Marilyn’s stopover in Vancouver while filming River of No Return in 1953 was well-reported in regional newspapers at the time (see here.) However, as John Mackie reports, Marilyn made her first appearance in the Vancouver Sun six years earlier, with this early pin-up illustrating the piece. At the time, she had only two film credits – a walk-on in Scudda Hoo! Scudda Hay!, and a bit part in Dangerous Years.
“Newspapers often ran cheesecake photos of attractive young women in the 1940s. Some were local, some were would-be Hollywood starlets who you never heard of again.
A good example was on the front page of the April 3, 1947, Vancouver Sun. Alongside the story ‘Vancouver Banks Restore Control on U.S. Exchange,’ an editor chose to run a one-column shot of a young woman in a bathing suit, with no connection to the bank story whatsoever.
But this wasn’t just any cheesecake shot — it was the first time Marilyn Monroe appeared in a Vancouver newspaper.
‘There’s a rustle in her bustle,’ read the cutline for the Associated Press photo. ‘But actress Marilyn Monroe of Hollywood does not recommend her newest bathing suit for any kind of energetic swimming.’
Monroe would make her film debut that year as Evie, ‘the waitress at the Gopher Hole’ in a teen movie for 20th Century Fox called Dangerous Years. But her career didn’t really take off until 1952, when Life magazine put her on its cover as ‘The Talk of Hollywood.'”
These images give a little more detail on the bathing suit photos. Above, a costume sketch for Marilyn’s ‘bustle’; and below, text inscribed on the back of another photo reveals that the shoot took place at the Beverly Hills home of film producer Artie Stebbins, nephew of Fox mogul Joe Schenck.
Mackie goes on to chart Marilyn’s rise to fame via the Vancouver Sun and other publications.
“It is quite amusing to search through Newspapers.com and find the initial stories about Monroe. The Fox publicity machine invented a story that she was accidentally discovered by a Fox casting director when she came to his house to babysit his kid.
‘Impressed with Marilyn’s looks, the director forgot where he and the missus had planned to go that evening and spent time getting the girl’s name on a movie contract,’ said the cutline for a pic of Marilyn as a babysitter in the June 1, 1947 Minneapolis Star-Tribune. [Ironically, Marilyn’s first contract with Fox lapsed shortly after this story appeared.]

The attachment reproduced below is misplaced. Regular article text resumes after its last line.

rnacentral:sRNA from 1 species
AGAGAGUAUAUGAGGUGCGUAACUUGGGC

The New York Daily News ran the same ‘bustle’ pic as the Vancouver Sun, with a headline ‘Use It a Rudder?’
Her career gained traction in 1950, when she had a bit part in the Joseph Mankiewicz classic All About Eve. The Sun’s movie critic Clyde Gilmour praised her ‘fine’ performance as ‘a brainless but seductive showgirl.’
In 1951, Gilmour panned the movie As Young As You Feel, but noted ‘there is, however, a distinct increase in visual appeal every time Marilyn Monroe prowls across the screen as a steno with an hour-glass figure and a cash-register mind.’
Monroe finally got star billing in 1952, when she appeared in Don’t Bother To Knock with Richard Widmark. She had become a sex symbol: the ad says she was ‘every inch a woman … every inch an actress,’ and titillated filmgoers with the warning ‘adult entertainment only.’
When she had a five-hour layover in Vancouver on July 24, 1953, it was treated like a Royal Visit, running on the front of all three local newspapers. She toured Stanley Park, met the press at the Hotel Vancouver, and posed for some fabulous photos at the airport. Then she got on a train for Jasper, where she was making the movie River of No Return.
The photographer who had discovered her moved to B.C. in 1946, living in tranquil obscurity on Wallace Island near Salt Spring. Twenty years after Monroe’s death, David Conover finally published the photos he had taken in 1945 in the book Finding Marilyn, A Romance.”